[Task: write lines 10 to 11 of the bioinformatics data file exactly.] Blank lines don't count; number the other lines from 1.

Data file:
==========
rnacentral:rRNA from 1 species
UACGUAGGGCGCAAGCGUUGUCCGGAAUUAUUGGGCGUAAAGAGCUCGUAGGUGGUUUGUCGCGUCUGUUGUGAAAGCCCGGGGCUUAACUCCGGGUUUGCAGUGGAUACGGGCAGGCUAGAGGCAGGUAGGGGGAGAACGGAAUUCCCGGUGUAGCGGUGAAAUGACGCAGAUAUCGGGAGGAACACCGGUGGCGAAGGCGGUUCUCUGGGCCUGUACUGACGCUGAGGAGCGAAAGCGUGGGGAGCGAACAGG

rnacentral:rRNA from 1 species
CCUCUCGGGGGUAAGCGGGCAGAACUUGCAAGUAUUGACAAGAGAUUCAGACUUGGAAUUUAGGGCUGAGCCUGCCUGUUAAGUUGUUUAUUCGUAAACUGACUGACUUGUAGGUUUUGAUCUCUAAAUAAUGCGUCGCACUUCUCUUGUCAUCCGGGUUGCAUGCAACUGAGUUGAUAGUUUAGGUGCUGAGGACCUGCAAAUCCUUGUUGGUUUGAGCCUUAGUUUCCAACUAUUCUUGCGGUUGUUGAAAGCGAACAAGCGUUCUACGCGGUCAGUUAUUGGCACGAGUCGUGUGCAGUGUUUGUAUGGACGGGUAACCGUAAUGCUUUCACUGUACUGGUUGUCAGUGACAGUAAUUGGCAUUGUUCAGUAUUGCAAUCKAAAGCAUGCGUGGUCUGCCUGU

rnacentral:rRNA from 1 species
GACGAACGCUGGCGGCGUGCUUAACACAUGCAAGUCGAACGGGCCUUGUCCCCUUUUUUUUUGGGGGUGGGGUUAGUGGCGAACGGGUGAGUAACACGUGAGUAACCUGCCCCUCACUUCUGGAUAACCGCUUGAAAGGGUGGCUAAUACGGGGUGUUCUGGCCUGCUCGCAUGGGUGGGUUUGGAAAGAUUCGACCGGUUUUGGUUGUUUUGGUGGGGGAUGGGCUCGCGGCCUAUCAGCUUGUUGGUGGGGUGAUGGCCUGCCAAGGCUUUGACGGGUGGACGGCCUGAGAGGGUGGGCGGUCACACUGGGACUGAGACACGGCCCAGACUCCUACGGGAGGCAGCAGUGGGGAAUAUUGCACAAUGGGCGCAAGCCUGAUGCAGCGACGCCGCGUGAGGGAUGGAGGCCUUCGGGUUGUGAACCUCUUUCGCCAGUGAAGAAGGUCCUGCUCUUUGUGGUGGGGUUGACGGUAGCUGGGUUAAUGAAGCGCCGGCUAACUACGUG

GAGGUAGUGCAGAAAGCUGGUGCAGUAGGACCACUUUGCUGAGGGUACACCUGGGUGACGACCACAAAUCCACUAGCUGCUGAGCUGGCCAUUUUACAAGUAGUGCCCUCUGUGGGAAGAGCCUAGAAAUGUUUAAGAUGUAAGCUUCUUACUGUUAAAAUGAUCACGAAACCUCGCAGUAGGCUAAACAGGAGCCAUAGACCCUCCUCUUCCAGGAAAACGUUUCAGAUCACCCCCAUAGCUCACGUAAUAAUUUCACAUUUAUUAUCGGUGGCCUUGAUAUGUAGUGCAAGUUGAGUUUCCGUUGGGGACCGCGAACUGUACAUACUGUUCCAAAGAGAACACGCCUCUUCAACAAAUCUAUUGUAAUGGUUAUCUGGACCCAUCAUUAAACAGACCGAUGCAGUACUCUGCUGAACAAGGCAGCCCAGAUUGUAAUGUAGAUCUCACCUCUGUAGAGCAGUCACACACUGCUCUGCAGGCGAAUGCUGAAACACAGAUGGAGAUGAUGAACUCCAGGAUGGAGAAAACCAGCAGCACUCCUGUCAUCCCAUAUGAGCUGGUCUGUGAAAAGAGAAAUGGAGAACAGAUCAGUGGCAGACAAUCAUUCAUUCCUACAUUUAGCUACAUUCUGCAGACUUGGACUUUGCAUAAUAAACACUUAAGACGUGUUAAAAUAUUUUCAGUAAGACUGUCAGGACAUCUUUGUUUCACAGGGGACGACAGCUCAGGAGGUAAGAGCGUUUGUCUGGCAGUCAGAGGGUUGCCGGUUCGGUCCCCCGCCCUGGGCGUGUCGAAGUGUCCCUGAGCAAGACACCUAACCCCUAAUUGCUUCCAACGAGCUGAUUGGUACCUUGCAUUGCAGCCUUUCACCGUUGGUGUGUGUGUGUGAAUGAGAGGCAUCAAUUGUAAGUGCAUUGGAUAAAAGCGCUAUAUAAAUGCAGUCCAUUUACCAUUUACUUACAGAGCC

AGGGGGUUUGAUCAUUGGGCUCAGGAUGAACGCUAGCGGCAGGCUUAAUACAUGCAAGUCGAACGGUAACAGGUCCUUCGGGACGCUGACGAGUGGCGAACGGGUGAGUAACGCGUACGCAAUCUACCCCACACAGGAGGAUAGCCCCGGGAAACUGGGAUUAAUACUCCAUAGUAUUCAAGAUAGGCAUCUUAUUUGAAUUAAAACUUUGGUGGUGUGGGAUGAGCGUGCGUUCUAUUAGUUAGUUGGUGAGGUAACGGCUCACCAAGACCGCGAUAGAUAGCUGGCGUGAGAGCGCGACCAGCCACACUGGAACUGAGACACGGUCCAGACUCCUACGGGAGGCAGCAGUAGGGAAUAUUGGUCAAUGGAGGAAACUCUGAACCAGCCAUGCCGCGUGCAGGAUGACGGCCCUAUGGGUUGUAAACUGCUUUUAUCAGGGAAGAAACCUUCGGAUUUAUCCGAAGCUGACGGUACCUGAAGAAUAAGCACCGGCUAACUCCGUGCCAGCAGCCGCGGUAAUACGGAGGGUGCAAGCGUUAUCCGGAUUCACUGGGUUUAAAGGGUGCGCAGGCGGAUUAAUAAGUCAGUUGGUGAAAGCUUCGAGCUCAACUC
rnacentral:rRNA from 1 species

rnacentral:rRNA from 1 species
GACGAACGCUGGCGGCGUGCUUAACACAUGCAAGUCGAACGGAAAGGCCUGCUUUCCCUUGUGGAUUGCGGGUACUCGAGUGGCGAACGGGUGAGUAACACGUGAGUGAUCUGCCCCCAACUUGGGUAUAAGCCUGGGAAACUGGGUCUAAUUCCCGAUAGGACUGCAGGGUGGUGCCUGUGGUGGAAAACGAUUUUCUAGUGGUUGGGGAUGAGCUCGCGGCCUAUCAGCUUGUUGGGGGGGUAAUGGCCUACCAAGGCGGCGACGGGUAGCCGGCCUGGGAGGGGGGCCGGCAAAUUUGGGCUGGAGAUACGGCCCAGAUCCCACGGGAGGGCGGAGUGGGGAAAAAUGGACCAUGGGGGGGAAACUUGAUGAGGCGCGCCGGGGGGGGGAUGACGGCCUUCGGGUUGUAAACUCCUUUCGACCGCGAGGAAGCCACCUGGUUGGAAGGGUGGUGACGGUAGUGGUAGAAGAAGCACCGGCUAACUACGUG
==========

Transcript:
rnacentral:rRNA from 1 species
GACGAACGCUGGCGGCGUGCUUAACACAUGCAAGUCGAACGGAAAGGCCUGCUUUCCCUUGUGGAUUGCGGGUACUCGAGUGGCGAACGGGUGAGUAACACGUGAGUGAUCUGCCCCCAACUUGGGUAUAAGCCUGGGAAACUGGGUCUAAUUCCCGAUAGGACUGCAGGGUGGUGCCUGUGGUGGAAAACGAUUUUCUAGUGGUUGGGGAUGAGCUCGCGGCCUAUCAGCUUGUUGGGGGGGUAAUGGCCUACCAAGGCGGCGACGGGUAGCCGGCCUGGGAGGGGGGCCGGCAAAUUUGGGCUGGAGAUACGGCCCAGAUCCCACGGGAGGGCGGAGUGGGGAAAAAUGGACCAUGGGGGGGAAACUUGAUGAGGCGCGCCGGGGGGGGGAUGACGGCCUUCGGGUUGUAAACUCCUUUCGACCGCGAGGAAGCCACCUGGUUGGAAGGGUGGUGACGGUAGUGGUAGAAGAAGCACCGGCUAACUACGUG